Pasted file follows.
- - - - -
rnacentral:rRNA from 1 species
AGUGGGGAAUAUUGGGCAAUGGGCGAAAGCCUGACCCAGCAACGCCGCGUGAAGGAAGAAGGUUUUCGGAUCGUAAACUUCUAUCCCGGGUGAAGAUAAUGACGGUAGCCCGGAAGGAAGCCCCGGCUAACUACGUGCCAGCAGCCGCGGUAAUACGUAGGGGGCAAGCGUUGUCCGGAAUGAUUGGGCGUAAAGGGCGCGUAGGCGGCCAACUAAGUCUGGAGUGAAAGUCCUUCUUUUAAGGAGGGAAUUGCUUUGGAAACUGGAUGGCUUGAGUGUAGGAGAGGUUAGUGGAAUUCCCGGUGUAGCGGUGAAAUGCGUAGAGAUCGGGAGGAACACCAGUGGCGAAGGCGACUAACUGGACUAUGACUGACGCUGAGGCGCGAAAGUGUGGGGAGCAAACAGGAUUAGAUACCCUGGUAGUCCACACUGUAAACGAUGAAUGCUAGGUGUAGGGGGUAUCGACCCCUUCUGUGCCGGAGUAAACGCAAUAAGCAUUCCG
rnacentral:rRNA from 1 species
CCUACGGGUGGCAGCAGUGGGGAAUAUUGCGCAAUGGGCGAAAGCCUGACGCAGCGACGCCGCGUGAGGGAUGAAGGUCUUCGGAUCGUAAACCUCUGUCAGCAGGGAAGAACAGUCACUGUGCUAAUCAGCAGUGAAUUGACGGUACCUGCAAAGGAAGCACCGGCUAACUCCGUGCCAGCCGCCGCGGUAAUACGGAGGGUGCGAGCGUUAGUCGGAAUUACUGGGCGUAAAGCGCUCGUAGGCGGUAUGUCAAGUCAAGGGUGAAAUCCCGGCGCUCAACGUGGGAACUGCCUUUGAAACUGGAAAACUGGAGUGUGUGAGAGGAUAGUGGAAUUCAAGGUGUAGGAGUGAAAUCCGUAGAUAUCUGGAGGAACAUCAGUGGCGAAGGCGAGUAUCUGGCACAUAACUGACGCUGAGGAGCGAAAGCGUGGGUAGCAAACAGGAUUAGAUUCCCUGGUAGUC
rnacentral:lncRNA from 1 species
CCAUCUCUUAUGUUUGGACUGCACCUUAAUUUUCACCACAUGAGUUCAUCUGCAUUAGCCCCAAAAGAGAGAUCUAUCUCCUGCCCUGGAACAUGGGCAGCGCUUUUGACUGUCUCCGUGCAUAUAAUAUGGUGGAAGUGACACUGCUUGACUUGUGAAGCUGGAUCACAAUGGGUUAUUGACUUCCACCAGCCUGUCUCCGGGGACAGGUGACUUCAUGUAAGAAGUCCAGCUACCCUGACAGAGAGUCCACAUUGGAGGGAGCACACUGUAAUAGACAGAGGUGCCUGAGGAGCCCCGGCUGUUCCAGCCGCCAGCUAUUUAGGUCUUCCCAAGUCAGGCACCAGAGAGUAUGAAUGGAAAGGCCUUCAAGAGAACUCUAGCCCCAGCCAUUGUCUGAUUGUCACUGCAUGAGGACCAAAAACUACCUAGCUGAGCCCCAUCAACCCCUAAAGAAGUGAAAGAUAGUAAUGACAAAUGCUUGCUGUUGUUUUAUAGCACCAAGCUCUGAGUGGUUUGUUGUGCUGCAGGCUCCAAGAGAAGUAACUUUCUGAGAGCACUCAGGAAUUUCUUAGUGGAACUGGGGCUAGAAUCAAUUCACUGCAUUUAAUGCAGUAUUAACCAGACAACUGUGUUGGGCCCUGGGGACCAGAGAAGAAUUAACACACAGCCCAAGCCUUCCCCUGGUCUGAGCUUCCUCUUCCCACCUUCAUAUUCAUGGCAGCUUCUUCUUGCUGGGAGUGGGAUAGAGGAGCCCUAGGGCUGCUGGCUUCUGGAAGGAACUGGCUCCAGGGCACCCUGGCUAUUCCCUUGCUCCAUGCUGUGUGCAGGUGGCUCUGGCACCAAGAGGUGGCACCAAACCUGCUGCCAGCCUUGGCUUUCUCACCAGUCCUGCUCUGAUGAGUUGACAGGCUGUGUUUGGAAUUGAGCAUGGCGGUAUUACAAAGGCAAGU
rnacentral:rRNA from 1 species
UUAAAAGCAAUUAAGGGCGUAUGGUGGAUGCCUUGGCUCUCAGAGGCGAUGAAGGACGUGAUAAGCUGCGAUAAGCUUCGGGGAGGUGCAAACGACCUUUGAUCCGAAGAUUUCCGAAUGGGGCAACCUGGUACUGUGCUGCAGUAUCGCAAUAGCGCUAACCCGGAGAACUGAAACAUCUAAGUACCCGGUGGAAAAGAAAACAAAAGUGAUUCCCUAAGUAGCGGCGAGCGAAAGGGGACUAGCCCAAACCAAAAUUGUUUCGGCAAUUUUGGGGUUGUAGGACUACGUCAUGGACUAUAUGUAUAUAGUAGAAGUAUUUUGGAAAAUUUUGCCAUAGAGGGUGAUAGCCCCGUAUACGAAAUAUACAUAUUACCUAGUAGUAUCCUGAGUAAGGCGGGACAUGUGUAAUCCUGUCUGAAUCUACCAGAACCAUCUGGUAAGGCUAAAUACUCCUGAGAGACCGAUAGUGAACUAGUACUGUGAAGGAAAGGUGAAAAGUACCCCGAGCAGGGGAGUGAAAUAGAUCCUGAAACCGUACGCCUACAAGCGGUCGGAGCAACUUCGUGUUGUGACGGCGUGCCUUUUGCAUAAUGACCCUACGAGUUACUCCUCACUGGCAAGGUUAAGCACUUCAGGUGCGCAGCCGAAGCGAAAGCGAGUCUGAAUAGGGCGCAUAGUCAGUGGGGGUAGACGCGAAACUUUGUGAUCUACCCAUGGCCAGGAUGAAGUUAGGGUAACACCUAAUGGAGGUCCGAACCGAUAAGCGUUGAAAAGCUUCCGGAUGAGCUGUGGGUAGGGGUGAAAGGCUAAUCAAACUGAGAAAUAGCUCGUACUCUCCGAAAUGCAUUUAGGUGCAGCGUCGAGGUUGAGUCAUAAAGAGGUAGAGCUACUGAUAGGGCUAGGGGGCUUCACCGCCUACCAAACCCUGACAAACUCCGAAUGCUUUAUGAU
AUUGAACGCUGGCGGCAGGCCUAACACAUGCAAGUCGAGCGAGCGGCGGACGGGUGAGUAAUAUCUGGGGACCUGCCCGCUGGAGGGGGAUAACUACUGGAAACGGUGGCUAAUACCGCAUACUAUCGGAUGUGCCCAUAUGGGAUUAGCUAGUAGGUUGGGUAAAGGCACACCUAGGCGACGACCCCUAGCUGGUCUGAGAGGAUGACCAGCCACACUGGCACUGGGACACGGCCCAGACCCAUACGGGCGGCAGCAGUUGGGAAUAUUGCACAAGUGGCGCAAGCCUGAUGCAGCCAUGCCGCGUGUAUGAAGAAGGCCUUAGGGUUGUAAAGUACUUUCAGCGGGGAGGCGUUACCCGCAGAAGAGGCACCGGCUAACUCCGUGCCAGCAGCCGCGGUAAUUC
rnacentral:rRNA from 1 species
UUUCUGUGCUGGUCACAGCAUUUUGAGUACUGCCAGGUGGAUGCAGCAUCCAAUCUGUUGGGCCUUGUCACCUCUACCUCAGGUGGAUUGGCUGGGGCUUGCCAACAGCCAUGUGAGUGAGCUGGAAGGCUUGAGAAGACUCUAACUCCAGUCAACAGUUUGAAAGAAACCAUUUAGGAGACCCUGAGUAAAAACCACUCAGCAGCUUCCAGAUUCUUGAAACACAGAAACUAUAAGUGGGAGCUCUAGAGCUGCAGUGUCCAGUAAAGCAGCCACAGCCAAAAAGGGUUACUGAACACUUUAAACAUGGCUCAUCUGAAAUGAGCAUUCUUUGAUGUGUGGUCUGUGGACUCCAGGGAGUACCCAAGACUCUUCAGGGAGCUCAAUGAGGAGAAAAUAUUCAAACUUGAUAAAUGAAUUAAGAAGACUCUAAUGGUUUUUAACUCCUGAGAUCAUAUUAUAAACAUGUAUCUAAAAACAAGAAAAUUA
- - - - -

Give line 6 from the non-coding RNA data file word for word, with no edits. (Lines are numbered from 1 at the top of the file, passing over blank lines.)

CCAUCUCUUAUGUUUGGACUGCACCUUAAUUUUCACCACAUGAGUUCAUCUGCAUUAGCCCCAAAAGAGAGAUCUAUCUCCUGCCCUGGAACAUGGGCAGCGCUUUUGACUGUCUCCGUGCAUAUAAUAUGGUGGAAGUGACACUGCUUGACUUGUGAAGCUGGAUCACAAUGGGUUAUUGACUUCCACCAGCCUGUCUCCGGGGACAGGUGACUUCAUGUAAGAAGUCCAGCUACCCUGACAGAGAGUCCACAUUGGAGGGAGCACACUGUAAUAGACAGAGGUGCCUGAGGAGCCCCGGCUGUUCCAGCCGCCAGCUAUUUAGGUCUUCCCAAGUCAGGCACCAGAGAGUAUGAAUGGAAAGGCCUUCAAGAGAACUCUAGCCCCAGCCAUUGUCUGAUUGUCACUGCAUGAGGACCAAAAACUACCUAGCUGAGCCCCAUCAACCCCUAAAGAAGUGAAAGAUAGUAAUGACAAAUGCUUGCUGUUGUUUUAUAGCACCAAGCUCUGAGUGGUUUGUUGUGCUGCAGGCUCCAAGAGAAGUAACUUUCUGAGAGCACUCAGGAAUUUCUUAGUGGAACUGGGGCUAGAAUCAAUUCACUGCAUUUAAUGCAGUAUUAACCAGACAACUGUGUUGGGCCCUGGGGACCAGAGAAGAAUUAACACACAGCCCAAGCCUUCCCCUGGUCUGAGCUUCCUCUUCCCACCUUCAUAUUCAUGGCAGCUUCUUCUUGCUGGGAGUGGGAUAGAGGAGCCCUAGGGCUGCUGGCUUCUGGAAGGAACUGGCUCCAGGGCACCCUGGCUAUUCCCUUGCUCCAUGCUGUGUGCAGGUGGCUCUGGCACCAAGAGGUGGCACCAAACCUGCUGCCAGCCUUGGCUUUCUCACCAGUCCUGCUCUGAUGAGUUGACAGGCUGUGUUUGGAAUUGAGCAUGGCGGUAUUACAAAGGCAAGU